Your Health: Body, mind and soul
Special to The Union
A few months ago, Bette Silence couldn’t get out of bed without assistance. Today, with the help of Ingo Zirpins, the new director of rehabilitation for Grass Valley Care Center, Silence can get around with the use of a walker at the care center.
“I feel so much better,” Silence said after a recent physical therapy session with Zirpins. “I’m coming right along. I started with therapy about five times per week, and now it’s down to about twice a week.”
This is good news for Zirpins, who works directly with residents and supervises physical therapists at Grass Valley Care Center and Meadow View Manor, both skilled nursing facilities operated by HorizonWest Healthcare Inc.
“I believe in integrating the body, mind and soul of each patient,” Zirpins said. “Physical therapy is based on movement, and my goal is to get people moving, which is essential for their independence.”
Attitudes and energy levels can be changed for the better by using humor and always taking the time to get to know his patients, he said.
“I like to establish a personal rapport with my patients,” Zirpins said. “As we develop a therapy program, we work on it together.
“It’s not just a plan of what I want. People need to know that we care and that it is important for the therapist and patient to strive for the same goal.”
Zirpins is new to HorizonWest, but he has been in areas related to physical therapy for 18 years. Originally from Germany, Zirpins, 40, came to the United States in 1992 to study massage at the Esalen Institute and shiatsu and acupressure at the Berkeley Acupressure Institute.
He earned a bachelor’s degree in kinesiology and human movement studies at California State University, San Francisco, while maintaining a private massage practice. In 2003, he earned a master’s degree in physical therapy.
After his studies, Zirpins’ interest gravitated toward orthopedic medicine and geriatric rehabilitation.
“I have a respect for my elders,” he said. “I feel my generation has a responsibility to provide a quality of life for them.”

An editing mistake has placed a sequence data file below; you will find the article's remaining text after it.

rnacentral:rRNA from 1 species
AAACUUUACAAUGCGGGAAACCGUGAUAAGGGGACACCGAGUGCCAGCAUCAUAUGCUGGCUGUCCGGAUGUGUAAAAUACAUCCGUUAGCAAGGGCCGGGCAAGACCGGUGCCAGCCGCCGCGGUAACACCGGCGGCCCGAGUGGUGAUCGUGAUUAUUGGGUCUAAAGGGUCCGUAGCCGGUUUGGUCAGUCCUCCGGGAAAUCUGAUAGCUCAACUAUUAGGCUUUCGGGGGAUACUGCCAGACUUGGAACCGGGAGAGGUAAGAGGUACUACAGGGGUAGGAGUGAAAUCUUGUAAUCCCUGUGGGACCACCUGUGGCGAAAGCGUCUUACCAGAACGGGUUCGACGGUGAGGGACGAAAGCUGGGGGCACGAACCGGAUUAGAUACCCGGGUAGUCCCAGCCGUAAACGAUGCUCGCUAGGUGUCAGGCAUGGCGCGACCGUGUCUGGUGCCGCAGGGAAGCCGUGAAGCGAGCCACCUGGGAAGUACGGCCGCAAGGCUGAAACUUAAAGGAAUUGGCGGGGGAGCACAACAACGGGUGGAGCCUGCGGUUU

Most of the people Zirpins works with at Grass Valley Care Center require therapy three to five times weekly.
Therapy can include physical exercises and hands-on therapy, which includes joint and soft tissue mobilization.
“My biggest reward is seeing people get better,” Zirpins said.
“Having Ingo on board at both our HorizonWest facilities has been a positive experience for our patients and staff,” Care Center Executive Director Chris Siregar said. “He is professional in every sense of the word, and always goes above and beyond when it comes to caring and prescribing what’s in the best interest of our residents.”
When he’s not working at the HorizonWest facilities, Zirpins enjoys spending time with his partner and three children, and outdoor activities such as gardening.
“I grew up on the land,” he said. “I like to be in contact with Mother Earth as much as possible.”
Susan Belknap is the former editor of the Roseville Press Tribune and works as the public relations manager for HorizonWest. For comments or questions regarding this story, contact City Editor Trina Kleist at firstname.lastname@example.org or (530) 477-4230.
Support Local Journalism
Support Local Journalism
Readers around Grass Valley and Nevada County make The Union’s work possible. Your financial contribution supports our efforts to deliver quality, locally relevant journalism.
Now more than ever, your support is critical to help us keep our community informed about the evolving coronavirus pandemic and the impact it is having locally. Every contribution, however large or small, will make a difference.
Your donation will help us continue to cover COVID-19 and our other vital local news.
Start a dialogue, stay on topic and be civil.
If you don't follow the rules, your comment may be deleted.
User Legend: Moderator Trusted User